Albrot responded immediately, replying that in the event of water ingress, it was imperative that the Salvamentos Maritimos, the Spanish sea rescue cruiser, be called first, he said, in order to be able to avoid environmental damage. Albrot was then told that the Spanish rescuers had already been informed, but that they would need about an hour before leaving.
Albrot didn’t hesitate for long, jumped into the lifeboat that sits with him just outside his house on the canal, started his powerful six-liter engine and headed through the canals toward the harbor exit. At the height of the harbor exit, he saw an ambulance with an emergency doctor who had been called there for the same incident. Albrot increased speed after leaving the harbor exit behind, and only ten minutes later he reached the damaged boat, which was in danger of sinking due to water ingress.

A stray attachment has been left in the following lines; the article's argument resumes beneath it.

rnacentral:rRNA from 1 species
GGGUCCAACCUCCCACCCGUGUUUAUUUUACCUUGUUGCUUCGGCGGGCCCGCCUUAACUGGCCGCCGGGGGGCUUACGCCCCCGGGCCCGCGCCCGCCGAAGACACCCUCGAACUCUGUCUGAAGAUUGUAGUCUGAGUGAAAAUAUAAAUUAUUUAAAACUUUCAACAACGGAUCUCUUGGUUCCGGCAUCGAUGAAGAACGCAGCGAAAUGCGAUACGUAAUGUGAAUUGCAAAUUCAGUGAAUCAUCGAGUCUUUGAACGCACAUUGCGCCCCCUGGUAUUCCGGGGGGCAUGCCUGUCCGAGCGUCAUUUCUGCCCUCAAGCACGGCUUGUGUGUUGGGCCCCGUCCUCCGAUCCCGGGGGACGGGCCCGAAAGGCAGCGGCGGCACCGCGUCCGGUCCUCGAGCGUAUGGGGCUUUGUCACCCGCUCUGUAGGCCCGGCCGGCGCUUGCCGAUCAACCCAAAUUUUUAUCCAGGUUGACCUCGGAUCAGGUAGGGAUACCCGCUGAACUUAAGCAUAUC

SeaHelp rescuer Axel Albrot took the damaged boat in tow – preventing further water ingress
A small, six-meter-long, private dinghy had already taken two of the three crew members, two women as well as two dogs, on board (one man had remained on board the average to be able to steer it). The dinghy skipper tried with a (very thin) rope to tow the eight-meter-long pleasure craft, which Albrot estimated already had “at least a ton” of water in its hull due to the water ingress – without success.
Albrot took over the boat: “because with my professional rope and the strong engine, I was able to tow the boat so fast that it got buoyancy from the ride and could not sink any further”, said the SeaHelp rescuer. Five minutes later, the Mossos, the Catalan police, arrived at the scene of the accident. At the bow of the police boat was a policeman in neoprene, ready to enter the water immediately.
Albrot explained to him that this was not necessary, because the crew of the boat, which had been damaged by water ingress, along with associated dogs (except for the skipper) were already safely accommodated on another inflatable boat- and no one was injured. The entire rescue operation was now coordinated on radio channel 6. Finally, the Spanish rescue boat also arrived, whose staff was pleased that “everything is going well”.